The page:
Inter-observer agreement among the two experienced radiologists was κ, 0.690 suggesting that the classification of small hepatic nodules with LI-RADS-CEUS is reproducible with good consistency in patients with chronic liver disease. The majority of nodules classified as LR-5 turned out to be HCC at pathological diagnosis, but some ICCs, regenerative nodules and focal nodular hyperplasia could also illustrate hyper enhancement at the arterial phase on CEUS. Similar conclusion could be drawn about LR-4 nodules that most LR-4 nodules were pathologically confirmed of HCC. Whereas 50 % (4/8) of LR-4 lesions turned out to be benign in the end (1 angioma, 1 focal nodular hyperplasia and 2 hyperplastic nodules). Last but not least, 7 out of 9 LR-M lesions turned out to be HCC with the diagnostic accuracy of only 11.11%. LR-M refers to potentially malignant nodules other than HCCs, with wash-out characteristics of early wash-out onset (≤60s). This wash-out characteristic would increase the false-negative diagnosis of nodules of less than 2cm in diameter. According to our experience, the onset of wash-out of metastatic lesion is in early portal phase, even in the late arterial phase in some cases. Therefore, the threshold of wash out onset for the categorization of LR-M lesions needs further verification. Small hepatic lesions present diagnostic challenge especially in cirrhotic liver, with limited sensitivity not only on ultrasonography but also a problem computed tomography (CT) and magnetic resonance imaging (MRI) [17].

CEUS was first brought out in 2005 AASLD guidelines as one major characterization techniques of potential HCC lesions, together with CECT and CEMRI. However, it was later excluded from AASLD and EASL guidelines in 2011 and 2012 due to some arguments about its failure to differentiate HCC from ICC [18-20]. The Erlangen group from Germany proposed a separate category for classification of ICCs in 2016 [21, 22]. Previous literatures have studied certain enhancement patterns of ICC and HCC based on radiological observations and a new category was accordingly designed to distinguish ICCs from HCCs [13, 23]. On the other hand, CEUS was reported to be helpful in identifying BI-RADS category 3 or 4 small breast lesions, suggesting the potential utility of CEUS in categorizing small hepatic nodules [24].

Certain limitations about LI-RADS-CEUS do exist and yield more solutions. Leoni et al. [7] concluded that CEUS sensitivity improves with omission of wash-out time as a diagnostic criterion, which corresponded to our discovery that small HCC lesions(≤2cm) with early onset of wash-out (≤60s) were often mistakenly categorized into LR-M. Nonetheless, LI-RADS-CEUS designated ICC patients should be provided with adequate histological validation of dysplastic and regenerative nodules to determine whether CEUS enables reliable differentiation of ICCs from HCCs. Another difficulty is the differential diagnosis between benign nodules and early HCCs, which is in accordance with a recent study evaluating LI-RADS in 159 cirrhotic patients [20]. Considering the transition between multiple stages of carcinogenesis in HCCs, the identification of intermediate categories such as LR-2, 3 and 4 remains challenging. Furthermore, although our study reflected a good inter-observer agreement, some studies have revealed difficulties in the observation of some specific imaging features consistently among the different readers [5]. Since our study only enrolled patients with surgery or biopsy pathological reports and LR-1, 2 are usually small lesions, they normally do not undergo puncture or surgery. So it is difficult to evaluate LR-1 and LR-2 patients.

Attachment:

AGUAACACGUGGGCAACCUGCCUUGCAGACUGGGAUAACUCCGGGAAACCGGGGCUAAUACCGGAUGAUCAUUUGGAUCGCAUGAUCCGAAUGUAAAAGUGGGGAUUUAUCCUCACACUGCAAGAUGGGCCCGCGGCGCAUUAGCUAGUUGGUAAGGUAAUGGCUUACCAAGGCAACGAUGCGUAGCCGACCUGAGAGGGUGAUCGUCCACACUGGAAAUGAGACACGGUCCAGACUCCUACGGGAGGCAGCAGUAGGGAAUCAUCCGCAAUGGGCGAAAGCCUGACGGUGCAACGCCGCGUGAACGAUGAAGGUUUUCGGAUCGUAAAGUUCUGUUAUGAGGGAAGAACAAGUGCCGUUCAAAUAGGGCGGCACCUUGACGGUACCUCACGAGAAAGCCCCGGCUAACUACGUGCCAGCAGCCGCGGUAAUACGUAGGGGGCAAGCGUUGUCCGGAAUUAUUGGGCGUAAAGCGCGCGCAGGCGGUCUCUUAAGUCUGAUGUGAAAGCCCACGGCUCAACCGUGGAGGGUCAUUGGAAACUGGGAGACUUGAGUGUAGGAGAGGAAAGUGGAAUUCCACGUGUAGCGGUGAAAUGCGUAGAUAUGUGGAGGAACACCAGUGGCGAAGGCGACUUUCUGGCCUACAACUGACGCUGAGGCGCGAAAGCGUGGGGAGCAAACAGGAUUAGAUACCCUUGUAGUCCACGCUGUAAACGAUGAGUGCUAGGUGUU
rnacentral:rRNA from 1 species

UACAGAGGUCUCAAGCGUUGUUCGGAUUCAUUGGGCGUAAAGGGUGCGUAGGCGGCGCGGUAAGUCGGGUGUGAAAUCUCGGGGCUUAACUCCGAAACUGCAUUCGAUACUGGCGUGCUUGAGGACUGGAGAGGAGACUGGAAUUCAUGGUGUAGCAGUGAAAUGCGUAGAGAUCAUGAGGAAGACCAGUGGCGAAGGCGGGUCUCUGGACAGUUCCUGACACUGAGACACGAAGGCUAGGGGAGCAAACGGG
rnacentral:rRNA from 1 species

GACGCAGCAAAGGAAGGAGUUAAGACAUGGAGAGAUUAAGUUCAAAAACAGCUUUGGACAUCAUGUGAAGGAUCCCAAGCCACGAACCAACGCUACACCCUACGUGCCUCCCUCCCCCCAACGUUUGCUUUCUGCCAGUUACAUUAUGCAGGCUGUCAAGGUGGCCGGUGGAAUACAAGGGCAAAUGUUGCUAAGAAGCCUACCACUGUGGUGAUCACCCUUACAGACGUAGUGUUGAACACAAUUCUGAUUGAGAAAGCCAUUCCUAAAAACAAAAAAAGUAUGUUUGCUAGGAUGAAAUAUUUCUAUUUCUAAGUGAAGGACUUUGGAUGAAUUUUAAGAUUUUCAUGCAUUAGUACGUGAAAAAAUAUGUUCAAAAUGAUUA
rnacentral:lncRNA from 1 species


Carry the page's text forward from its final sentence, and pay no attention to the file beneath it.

In conclusion, LI-RADS-CEUS presented good inter-observer agreement but might at the same time increase the false-negative diagnosis of nodules of less than 2cm in diameter in patients with chronic liver disease. LI-RADS-CEUS bears the potential to be promoted as a standardized category system for liver observations in high-risk HCC patients after refinement of its preexisting problems addressed in this study.

Abbreviations

LI-RADS: liver imaging reporting and data system; CEUS: contrast-enhanced ultrasound; LI-RADS-CEUS: liver imaging reporting and data system- contrast-enhanced ultrasound; HCC: hepatocellular carcinoma; AASLD: American Association for the Study of Liver Disease; ACR: American College of Radiology; CECT: contrast-enhanced computed tomography; CEMRI: contrast-enhanced magnetic resonance imaging; AWMF: Arbeitsgemeinschaft der Wissenschaftlichen Medizinischen Fachgesellschaften; JSH: Japanese Society of Hematology; HBV: hepatitis B virus; HCV: hepatitis C virus; RN: regenerative nodule; ICC: intrahepatic cholangiocarcinoma; FNH: focal nodular hyperplasia; ANG: angioma; RLH: reactive lymphoid hyperplasia; CT: computed tomography; MRI: magnetic resonance imaging.

Acknowledgements

This work was supported by the National Natural Science Foundation of China (No.81501488), Sichuan Science and Technology Program (No.2017JY0267) and Chengdu Science and Technology Bureau (No.2014-HM01-00021-SF).

Competing Interests

The authors have declared that no competing interest exists.

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Author contact

Corresponding address Corresponding authors: Qiang Lu, M.D. Tel: +8628-85422304; Email: wsluqiangcom. Yan Luo, M.D. Tel: +8628-85423195; Email: luoyanddoccom.


Received 2018-2-13
Accepted 2018-7-26
Published 2018-7-30